For larger buildings, buildings constructed on poor soil, or buildings constructed near open water, oftentimes a deep foundation system is required to support the building. Concrete, steel, and timber piles are the most common types of deep foundations, and they are installed by driving them into the ground with a large hammer, or by vibratory methods. Both installation methods will generate large vibrations which can be an annoyance to and/or damage adjacent properties.

A human will sense vibrations at levels much lower than that which is required to damage a structure. Based on a study on the subjective response of humans to vibrations, performed by the United States Bureau of Mines (USBM), vibrations were classified as being “barely perceptible” to humans at levels as low as 0.011 in/sec; and vibration levels were categorized as “severe” at levels as low as 0.301 in/sec. However, the same USBM study evaluated the response of residential structures to vibrations and found that the minimum vibration level to damage older homes with plaster-on-lath construction is 0.50 in/sec; and 0.75 in/sec for newer drywall construction homes.

Vibrations travel through the ground and are transmitted through the foundation to the walls, floor, and roof. The first signs of vibration-related damage will appear on the interior planes of vertical loadbearing walls, as these walls resist the lateral swaying and movement caused by vibrations. Almost all finish materials are rigid and inflexible in nature; examples include cementitious stucco, interior plaster, interior gypsum wallboard, and wall tiles. Damage to rigid finishes would first appear as cracks at the weakest locations in the wall first, which is generally at the corners of window and door openings.

The building components can vary from flexible, such as wood and steel, to rigid, such as masonry and concrete. These components are then typically covered with decorative and cosmetic finishes. Damage resulting from vibrations will affect flexible components at connections, which are the most rigid portions of a flexible assembly. Conversely, damage to rigid components will appear as cracks or post-construction differential settlement. Rigid components will generally be affected by vibrational forces before flexible components.

Vibration Analysis

Construction vibrations are a known nuisance and can damage existing structures if they are not properly monitored and accounted for. As a proactive means to mitigate vibration damage claims, nearby buildings should be inspected prior to and after construction and monitored during construction.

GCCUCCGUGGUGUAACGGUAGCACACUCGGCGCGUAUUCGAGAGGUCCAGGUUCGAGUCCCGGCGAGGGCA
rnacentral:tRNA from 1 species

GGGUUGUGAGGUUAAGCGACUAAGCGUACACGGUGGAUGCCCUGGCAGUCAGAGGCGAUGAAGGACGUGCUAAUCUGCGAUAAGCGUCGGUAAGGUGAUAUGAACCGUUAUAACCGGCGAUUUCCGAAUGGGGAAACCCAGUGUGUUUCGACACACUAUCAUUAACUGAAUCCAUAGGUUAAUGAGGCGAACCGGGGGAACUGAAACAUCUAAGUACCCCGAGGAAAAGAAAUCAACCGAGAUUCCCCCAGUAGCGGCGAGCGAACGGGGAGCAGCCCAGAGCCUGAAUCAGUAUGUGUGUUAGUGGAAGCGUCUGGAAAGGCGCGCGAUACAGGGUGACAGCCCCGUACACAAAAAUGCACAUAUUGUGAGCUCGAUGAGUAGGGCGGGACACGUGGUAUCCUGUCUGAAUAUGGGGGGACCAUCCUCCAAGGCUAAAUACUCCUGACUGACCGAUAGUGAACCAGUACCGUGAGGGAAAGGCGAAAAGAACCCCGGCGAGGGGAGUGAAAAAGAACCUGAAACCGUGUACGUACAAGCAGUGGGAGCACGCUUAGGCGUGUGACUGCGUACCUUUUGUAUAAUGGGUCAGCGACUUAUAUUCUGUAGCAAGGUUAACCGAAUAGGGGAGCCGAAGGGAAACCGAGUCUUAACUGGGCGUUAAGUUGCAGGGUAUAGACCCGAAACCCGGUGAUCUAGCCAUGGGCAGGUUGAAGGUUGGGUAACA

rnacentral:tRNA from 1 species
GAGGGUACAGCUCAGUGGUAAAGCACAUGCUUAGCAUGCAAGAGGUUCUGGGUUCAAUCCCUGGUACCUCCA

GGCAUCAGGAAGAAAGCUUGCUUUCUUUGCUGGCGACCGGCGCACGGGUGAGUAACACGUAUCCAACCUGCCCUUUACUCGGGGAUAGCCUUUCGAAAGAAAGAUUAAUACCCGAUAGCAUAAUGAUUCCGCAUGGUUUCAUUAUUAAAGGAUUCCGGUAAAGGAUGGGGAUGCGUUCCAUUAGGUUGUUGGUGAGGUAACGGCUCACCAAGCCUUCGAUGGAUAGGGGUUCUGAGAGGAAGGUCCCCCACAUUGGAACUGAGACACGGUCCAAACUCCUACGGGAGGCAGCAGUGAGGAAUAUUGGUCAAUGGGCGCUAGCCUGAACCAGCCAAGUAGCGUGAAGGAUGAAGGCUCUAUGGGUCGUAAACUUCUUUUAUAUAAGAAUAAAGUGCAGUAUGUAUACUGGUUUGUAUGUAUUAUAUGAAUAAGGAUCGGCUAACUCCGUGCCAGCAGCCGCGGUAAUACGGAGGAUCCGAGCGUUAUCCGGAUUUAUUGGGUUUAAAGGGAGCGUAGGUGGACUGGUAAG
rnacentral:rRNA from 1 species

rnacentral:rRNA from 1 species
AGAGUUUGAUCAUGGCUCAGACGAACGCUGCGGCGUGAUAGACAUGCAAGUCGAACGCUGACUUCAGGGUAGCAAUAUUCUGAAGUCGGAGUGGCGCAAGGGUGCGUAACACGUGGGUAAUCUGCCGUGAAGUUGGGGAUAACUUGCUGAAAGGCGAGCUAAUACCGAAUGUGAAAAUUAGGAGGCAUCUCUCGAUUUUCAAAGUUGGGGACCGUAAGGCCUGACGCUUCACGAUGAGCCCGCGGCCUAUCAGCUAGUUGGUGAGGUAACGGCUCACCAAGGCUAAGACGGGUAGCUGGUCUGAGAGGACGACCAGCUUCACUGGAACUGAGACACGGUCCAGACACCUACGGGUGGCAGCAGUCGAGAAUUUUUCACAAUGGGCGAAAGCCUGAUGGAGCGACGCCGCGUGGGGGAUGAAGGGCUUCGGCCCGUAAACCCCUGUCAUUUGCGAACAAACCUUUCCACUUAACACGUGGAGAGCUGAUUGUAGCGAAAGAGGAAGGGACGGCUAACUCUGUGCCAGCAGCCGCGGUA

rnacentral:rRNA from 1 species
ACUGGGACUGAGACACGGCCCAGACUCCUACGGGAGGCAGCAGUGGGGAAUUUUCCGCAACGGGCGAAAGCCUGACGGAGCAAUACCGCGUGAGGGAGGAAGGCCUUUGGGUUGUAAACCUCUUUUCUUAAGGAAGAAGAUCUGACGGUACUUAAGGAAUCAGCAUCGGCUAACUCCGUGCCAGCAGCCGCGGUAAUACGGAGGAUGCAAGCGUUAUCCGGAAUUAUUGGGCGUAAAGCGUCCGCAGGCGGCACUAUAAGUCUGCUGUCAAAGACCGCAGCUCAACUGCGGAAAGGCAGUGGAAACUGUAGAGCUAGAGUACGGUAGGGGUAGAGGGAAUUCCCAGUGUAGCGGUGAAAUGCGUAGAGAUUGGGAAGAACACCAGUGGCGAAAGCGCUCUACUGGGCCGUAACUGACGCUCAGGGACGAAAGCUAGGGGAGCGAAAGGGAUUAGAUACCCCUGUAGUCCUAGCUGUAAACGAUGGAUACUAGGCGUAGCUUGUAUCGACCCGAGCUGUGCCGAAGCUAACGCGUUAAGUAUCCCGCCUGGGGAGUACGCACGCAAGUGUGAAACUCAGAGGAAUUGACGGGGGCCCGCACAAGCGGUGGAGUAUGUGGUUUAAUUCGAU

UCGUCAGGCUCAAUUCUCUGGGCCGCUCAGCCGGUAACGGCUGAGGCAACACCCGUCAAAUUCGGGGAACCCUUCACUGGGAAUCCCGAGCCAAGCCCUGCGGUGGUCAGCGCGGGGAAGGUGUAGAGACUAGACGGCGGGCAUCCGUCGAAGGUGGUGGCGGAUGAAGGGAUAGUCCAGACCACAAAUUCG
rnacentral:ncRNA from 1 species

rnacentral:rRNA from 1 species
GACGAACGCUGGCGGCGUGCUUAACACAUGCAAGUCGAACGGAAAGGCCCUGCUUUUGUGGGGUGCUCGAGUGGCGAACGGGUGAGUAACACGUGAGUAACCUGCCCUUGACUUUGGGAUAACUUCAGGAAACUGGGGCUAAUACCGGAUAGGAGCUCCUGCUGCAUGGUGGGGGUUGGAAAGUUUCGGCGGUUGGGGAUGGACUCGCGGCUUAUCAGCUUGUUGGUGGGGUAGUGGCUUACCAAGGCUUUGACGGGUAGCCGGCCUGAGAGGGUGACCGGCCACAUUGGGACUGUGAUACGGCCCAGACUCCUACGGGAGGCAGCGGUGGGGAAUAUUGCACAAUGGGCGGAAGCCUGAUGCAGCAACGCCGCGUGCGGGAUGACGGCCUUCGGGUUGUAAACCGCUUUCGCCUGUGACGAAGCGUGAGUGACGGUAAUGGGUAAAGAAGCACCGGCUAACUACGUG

For example, on roadway projects in the state of Florida, the Florida Department of Transportation requires vibration monitoring on nearby structures. Based on Chapter 108-2 of the FDOT Standard Specifications for Road and Bridge Construction, during construction of retaining walls and foundations for bridges, buildings, and structures, all nearby structures within 200 feet of sheet pile installation/extraction, and within 100 feet of soldier pile installation/extraction must be inspected, surveyed, and monitored for settlement. In addition, when performing roadway compaction operations, all nearby structures within 75 feet of vibratory compaction operations must be surveyed and monitored for settlement.

A pre-construction survey should document the condition of the structure and all existing cracks in order to determine whether any new cracks appeared during construction. Vibration levels can be monitored during construction with a seismograph to determine if the vibration levels exceeded the building damage threshold. However, many times, vibration monitoring is not performed, and pre- and post-construction surveys are not available. Therefore, vibration analyses can be performed to estimate the vibration levels which would have been present at the property and compare them to the minimum vibration level required to damage a structure. According to Florida Statute 552.30, direct ground vibrations generated by construction mining activities are limited to the maximum standards set by the United States Bureau of Mines Report of Investigation No. 8507 (1980). While these regulations specifically apply to mining, they are commonly applied to construction operations.

These maximum standards include: